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Sculptures of miners in the Living Desert reserve

Cavities in schists resulting from the weathering effects of salt and rain
A quartz reef used by aboriginal people to collect sharp pieces of quartz for tool making
A part of the Sculpture Site in the Living Desert area
Sculptures of miners in the Living Desert reserve

Broken Hill The Living Desert

Latitude -31.89264, Longitude 141.453411

Located in the Outback Region of NSW, nearest town Broken Hill

Source: www.brokenhillaustralia.com.au/ and information boards in the Living Desert

Link to Detailed Map

The Living Desert is a unique 2400ha reserve which commenced in 1992. The topography, scenery and views within the reserve are breathtaking and are captured throughout the numerous walking trails. The sculpture exhibition is also located nearby and well worth a look.

Located within the reserve, settled amongst the tranquility of the gullies and rocky outcrops is the 180ha Living Desert Flora and Fauna Sanctuary which is bordered by an electric predator proof fence. The Flora and Fauna Sanctuary will allow visitors to gain an educational and cultural experience to further enhance and understand Aboriginal Heritage and to instill the importance of preservation of the environment for the benefit of future generations.

Of geological interest in the Living Desert Flora and Fauna Sanctuary is a site which demonstrates a unique weathering process. The rocks in the photo on top right are schists of the Willyama Supergroup deposited as clay and sand between 1685 and 1670 million years ago (mya). About 1600 mya they were buried about 20 kilometres, folded intensely and subjected to temperatures of about 750 degrees celsius forming metamorphic minerals.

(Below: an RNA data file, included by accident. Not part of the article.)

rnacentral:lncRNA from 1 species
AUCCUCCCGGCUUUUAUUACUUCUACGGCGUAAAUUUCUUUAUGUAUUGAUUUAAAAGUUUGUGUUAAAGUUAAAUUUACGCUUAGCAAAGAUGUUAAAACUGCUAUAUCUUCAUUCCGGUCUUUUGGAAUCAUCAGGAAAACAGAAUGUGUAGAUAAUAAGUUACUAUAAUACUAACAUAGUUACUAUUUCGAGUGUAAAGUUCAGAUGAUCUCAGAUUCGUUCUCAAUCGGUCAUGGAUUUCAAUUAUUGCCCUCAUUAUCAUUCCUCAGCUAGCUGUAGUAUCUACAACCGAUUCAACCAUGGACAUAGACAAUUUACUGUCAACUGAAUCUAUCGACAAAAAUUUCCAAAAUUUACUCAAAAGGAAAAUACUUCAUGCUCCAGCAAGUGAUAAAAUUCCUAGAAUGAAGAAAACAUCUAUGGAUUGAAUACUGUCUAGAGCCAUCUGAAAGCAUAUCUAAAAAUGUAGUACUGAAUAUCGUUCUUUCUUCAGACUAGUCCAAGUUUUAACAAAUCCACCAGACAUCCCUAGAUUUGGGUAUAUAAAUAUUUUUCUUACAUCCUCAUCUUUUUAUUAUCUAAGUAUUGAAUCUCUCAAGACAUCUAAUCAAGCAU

Sometime later the overlaying rocks were eroded away leaving the schists exposed to the effects of weathering and erosion. The cavities you can see were once thought to be formed by sand blasting, as the wind blew sand grains at the exposed rocks. But modern research suggests that the cavities resulted from the effects of salt and rain. Rain dissolves salts from the soil and the dissolved salts eat away the minerals in the rock. As the rock dries, salts crystallize between mineral grains forcing them apart. Wind erosion probably removed some of the weathered rock.

The cavities formed over hundreds of thousands of years were most likely at the top of the soil. The difference between the cavities and the present soil level might be a measure of soil erosion that has occurred since European settlement.

Other attractions within this area of interest to geological enthusiast and others include a prospector's abandoned mine and a quartz shelf used by aboriginal people to quarry for sharp pieces of quartz to make tools.

Another major attraction within the Living Desert is the Sculpture Site. 12 sandstone sculptures highlight the skyline, all with a story to tell. The Sculpture Site can be accessed via a 1km walking trail starting from the Flora and Fauna Sanctuary car park. There's also a vehicle access to the sculptures.

Getting There

The Living Desert Reserve is nestled amongst the Barrier Ranges and is located 12 kilometres from the City of Broken Hill via Nine Mile Road (Kaolin St in Broken Hill). An entry fee applies per vehicle to access the Living Desert Flora and Fauna sanctuary and the Sculpture Site. This needs to be paid at the pay bay located at the entrance of the Living Desert area. There is also a recreational picnic area with free gas barbeques, shade shelters and toilets. A 2.30 hour visit to the Living Desert from the City (return trip) will allow visitors to explore the Cultural Walk Trail within the Sanctuary and experience the Sculpture Site. Take a hat, sturdy shoes and plenty of water - it can get very hot. Be on the lookout for venomous snakes.


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